Facebook is investigating a number of different methods that will allow members to make money from their posts. According to a report in The Verge, one of the ideas the social media giant is considering is the introduction of a 'virtual tip jar' as a way of giving money to various people or pages.
The information comes from a new user survey sent out by Facebook. In it, the company asked select members what would be their preferred method of giving money to others, or donating to a charitable cause.
In addition to the tip jar, Facebook offered other proposals for monetizing posts. These include receiving a share of the revenue generated by the ads in a post; a "call to action" function that would allow posts to have a button, such as "buy tickets," embedded in them; branded content and sponsor marketplace, which would let users earn more money from sponsored content; and a donate option for people to give money directly to a charity of the poster's choosing.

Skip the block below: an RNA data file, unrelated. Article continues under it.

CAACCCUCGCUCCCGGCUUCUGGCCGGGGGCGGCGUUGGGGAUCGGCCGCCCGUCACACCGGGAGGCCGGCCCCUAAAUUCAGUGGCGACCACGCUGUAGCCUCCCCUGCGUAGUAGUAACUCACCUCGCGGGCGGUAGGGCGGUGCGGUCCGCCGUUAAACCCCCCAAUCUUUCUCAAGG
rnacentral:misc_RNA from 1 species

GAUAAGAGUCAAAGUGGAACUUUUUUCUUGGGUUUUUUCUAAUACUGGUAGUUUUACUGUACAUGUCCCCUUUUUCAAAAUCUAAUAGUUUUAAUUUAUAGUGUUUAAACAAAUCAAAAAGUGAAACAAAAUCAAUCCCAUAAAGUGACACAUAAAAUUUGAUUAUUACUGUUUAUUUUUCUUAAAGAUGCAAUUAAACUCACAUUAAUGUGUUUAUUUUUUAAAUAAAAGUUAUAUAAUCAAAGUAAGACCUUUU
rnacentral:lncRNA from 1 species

Unfortunately (or fortunately, depending on how you feel about this sort of thing), even if Facebook does decide to roll out some of these features, the language of the survey suggests they may only be available for verified members.
In addition to the monetization proposals, the survey also asked users what data about their posts/videos they would find most interesting. The options include showing Twitter-like engagement numbers, audience information, and video completion percentages. As this is the kind of data seemingly aimed at companies and public figures, it does appear to back the theory that the new features will only be available to verified users.
Facebook recently opened up its Instant Articles feature to everyone, which allows publishers to make money from their content. And the site changed its rules on sponsored posts earlier this month.
There's no guarantee that any of the suggestions in the survey will make their way to Facebook. "It's still very early, but we're committed to creating sustainable, long-term monetization models for our partners and we're listening to feedback," a company spokesman told Fortune.